The issue regarding the release of nuns is surely far more murky than we have been led to believe. It's not hard to imagine a verbal agreement reneged on after the nuns were already here, or that Chancery officials muddied the waters with the Greek bishop by saying no approval had yet been given by the Synod (which sets up yet another question regarding whether a diocesan hierarch can do anything without approval from the Synod, cf. the Antiochian Archdiocese).
The Sexual Misconduct Report hasn't been released, but it seems as if the primary issue is one of process, execution of duties, communications and potential legal responsibility. These are not unimportant. However, they are also not canonical issues as much as they are proof that an MDiv and the laying on of hands doesn't magically give one executive or managerial powers. This is a call for a reodering of executive responsibilities for the OCA, not for a new person to wear the same hat.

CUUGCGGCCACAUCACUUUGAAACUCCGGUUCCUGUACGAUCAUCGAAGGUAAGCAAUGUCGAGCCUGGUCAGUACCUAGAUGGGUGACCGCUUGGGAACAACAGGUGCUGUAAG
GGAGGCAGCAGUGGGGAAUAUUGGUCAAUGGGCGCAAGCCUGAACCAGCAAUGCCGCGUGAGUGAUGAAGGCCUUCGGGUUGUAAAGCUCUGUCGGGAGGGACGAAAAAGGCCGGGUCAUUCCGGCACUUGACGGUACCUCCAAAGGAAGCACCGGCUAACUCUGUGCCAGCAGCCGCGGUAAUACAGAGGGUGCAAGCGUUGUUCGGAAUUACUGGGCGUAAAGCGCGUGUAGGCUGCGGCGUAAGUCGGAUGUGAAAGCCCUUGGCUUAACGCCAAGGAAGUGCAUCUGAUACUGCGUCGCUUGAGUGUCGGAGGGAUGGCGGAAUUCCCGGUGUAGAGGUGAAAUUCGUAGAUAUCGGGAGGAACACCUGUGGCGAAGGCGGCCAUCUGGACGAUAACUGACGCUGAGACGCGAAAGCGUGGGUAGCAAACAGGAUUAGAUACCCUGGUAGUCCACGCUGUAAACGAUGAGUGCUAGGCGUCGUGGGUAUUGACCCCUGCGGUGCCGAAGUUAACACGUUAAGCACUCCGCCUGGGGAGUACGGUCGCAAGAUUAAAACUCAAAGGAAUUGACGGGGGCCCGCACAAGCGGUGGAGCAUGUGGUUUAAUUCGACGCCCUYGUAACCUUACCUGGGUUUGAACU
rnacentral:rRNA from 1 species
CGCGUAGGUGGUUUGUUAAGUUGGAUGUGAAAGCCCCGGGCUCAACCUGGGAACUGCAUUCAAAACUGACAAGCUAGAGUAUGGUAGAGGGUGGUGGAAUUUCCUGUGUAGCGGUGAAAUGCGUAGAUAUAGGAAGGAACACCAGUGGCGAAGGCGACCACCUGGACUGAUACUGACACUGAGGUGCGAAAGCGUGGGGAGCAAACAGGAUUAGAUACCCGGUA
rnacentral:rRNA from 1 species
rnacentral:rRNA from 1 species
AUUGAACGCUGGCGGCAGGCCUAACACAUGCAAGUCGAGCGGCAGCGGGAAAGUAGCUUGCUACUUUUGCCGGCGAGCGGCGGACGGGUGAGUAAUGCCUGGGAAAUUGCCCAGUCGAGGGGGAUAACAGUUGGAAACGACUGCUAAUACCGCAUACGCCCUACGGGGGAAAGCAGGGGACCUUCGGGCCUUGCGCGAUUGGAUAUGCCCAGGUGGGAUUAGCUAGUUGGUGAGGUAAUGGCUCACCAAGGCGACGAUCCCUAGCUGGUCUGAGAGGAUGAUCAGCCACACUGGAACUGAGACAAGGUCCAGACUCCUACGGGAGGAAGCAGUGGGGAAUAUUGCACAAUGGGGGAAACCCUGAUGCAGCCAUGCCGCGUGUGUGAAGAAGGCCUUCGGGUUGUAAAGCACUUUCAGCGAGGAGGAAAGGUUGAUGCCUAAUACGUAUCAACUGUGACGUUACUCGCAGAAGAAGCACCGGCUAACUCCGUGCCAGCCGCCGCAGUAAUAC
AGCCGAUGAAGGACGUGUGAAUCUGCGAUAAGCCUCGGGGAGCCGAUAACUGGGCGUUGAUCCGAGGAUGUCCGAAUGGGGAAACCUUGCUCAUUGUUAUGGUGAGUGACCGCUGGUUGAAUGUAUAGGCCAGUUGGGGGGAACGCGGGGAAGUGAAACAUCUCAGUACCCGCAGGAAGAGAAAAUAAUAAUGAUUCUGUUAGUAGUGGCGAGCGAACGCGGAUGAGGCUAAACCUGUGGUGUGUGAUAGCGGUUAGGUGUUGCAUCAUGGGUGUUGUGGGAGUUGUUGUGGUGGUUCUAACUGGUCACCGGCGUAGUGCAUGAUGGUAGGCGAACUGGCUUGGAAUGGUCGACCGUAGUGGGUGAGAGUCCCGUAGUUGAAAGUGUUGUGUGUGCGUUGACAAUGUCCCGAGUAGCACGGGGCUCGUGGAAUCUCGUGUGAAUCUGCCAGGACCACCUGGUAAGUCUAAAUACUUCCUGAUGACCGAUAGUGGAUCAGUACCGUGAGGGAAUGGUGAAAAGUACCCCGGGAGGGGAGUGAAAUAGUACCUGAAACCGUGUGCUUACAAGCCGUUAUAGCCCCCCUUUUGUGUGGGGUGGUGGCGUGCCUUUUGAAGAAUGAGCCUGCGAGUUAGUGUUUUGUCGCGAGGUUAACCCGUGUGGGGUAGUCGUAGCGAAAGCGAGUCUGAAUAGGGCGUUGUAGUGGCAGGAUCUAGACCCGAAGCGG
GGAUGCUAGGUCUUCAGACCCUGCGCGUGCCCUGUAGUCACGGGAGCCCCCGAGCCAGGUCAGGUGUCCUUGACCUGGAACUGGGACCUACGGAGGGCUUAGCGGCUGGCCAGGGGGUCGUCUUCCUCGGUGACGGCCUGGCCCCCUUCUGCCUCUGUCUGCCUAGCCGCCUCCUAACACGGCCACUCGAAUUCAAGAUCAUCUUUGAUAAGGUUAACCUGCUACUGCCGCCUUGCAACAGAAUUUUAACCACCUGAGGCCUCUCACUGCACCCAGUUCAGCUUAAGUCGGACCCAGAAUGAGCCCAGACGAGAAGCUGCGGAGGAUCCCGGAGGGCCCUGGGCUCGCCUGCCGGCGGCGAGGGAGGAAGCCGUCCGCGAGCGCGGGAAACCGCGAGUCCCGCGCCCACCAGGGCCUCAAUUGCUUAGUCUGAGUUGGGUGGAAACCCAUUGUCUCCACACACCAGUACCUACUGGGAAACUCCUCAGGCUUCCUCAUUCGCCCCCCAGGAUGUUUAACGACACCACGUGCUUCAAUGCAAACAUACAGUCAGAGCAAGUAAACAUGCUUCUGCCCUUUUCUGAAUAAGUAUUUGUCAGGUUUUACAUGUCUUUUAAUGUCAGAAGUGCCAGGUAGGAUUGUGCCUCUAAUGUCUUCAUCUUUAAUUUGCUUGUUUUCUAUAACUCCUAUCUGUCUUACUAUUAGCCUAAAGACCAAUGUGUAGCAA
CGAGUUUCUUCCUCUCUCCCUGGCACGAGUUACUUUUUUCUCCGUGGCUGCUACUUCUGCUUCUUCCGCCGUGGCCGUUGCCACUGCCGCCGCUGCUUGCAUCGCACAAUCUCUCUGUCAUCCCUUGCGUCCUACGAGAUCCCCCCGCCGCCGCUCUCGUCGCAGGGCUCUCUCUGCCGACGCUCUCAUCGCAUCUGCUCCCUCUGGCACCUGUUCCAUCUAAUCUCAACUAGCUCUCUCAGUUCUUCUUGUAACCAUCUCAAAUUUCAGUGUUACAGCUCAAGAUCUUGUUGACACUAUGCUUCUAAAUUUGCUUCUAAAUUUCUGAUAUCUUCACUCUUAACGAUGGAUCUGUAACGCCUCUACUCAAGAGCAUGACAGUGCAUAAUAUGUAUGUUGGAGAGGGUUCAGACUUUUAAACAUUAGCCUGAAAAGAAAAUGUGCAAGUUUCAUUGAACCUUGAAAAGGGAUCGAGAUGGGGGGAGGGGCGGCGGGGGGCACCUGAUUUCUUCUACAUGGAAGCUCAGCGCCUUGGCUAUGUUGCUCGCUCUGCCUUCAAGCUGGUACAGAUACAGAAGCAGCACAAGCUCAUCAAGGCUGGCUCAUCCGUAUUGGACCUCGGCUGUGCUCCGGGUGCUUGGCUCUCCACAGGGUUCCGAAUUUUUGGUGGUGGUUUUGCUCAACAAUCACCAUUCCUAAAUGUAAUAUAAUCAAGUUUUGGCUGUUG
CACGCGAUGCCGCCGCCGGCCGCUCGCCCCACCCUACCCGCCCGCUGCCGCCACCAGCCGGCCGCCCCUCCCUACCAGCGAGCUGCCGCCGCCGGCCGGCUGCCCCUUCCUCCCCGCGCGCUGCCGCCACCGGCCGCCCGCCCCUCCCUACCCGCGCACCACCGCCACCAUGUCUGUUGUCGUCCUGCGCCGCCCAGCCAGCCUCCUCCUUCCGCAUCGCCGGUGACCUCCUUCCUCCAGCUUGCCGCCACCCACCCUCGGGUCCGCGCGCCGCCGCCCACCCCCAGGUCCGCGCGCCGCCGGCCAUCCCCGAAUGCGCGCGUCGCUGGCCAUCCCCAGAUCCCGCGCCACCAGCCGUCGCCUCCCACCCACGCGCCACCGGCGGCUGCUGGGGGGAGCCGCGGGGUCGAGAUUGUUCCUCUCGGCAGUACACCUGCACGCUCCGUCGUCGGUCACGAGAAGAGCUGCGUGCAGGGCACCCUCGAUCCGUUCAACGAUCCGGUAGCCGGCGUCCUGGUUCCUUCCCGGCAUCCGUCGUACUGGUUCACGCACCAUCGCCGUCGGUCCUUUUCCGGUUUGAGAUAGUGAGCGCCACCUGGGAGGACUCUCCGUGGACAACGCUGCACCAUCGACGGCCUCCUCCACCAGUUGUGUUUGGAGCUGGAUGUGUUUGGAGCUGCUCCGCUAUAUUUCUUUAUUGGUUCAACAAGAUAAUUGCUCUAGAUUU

The irony of bishops complaining about not being listened to should also be acknowledged. One can't expect treatment not usually given. While we are a hierarchical church, we are small, we are poor, we are divided. Bishops are not princes of the church for they have not the means of princes. They are the first among their fellow-workers (their priests), but many a priest can laugh at the miffed sensibilities of bishops being ignored by their own 'first'. "Physician, heal thyself!"
(Editor's note: While all those issues are dealt with in the SMPAC report, that is not the main issue of the Report. To reduce it to just those is to misrepresent it. You do raise an interesting theoretical point: is it possible to successfully run a 21st century church in a constitutional pluralist democracy predicated on the rule of law on the basis of 12th century canons that presuppose an sovereign emperor over an ecumene that recognized slavery, but not sexual misconduct? Or litigation? What happens when situations arise that are not foreseen by the 12th, 13th or even 19th centuries? Like the internet, or globalization, where Bishops, foreign and domestic can jet wherever in the world in less time than it took for a rural bishop to ride into the capital in 875 AD. Or monasteries owning hundreds of millions in assets? What do we do then? Are we just a museum piece dedicated to the fulfilling of ancient legislation, or a living tradition that can canonically adapt, even if it means ignoring, changing, or (God forbid!) initiating responses? I have no answers here; just questions. But I think them important ones.)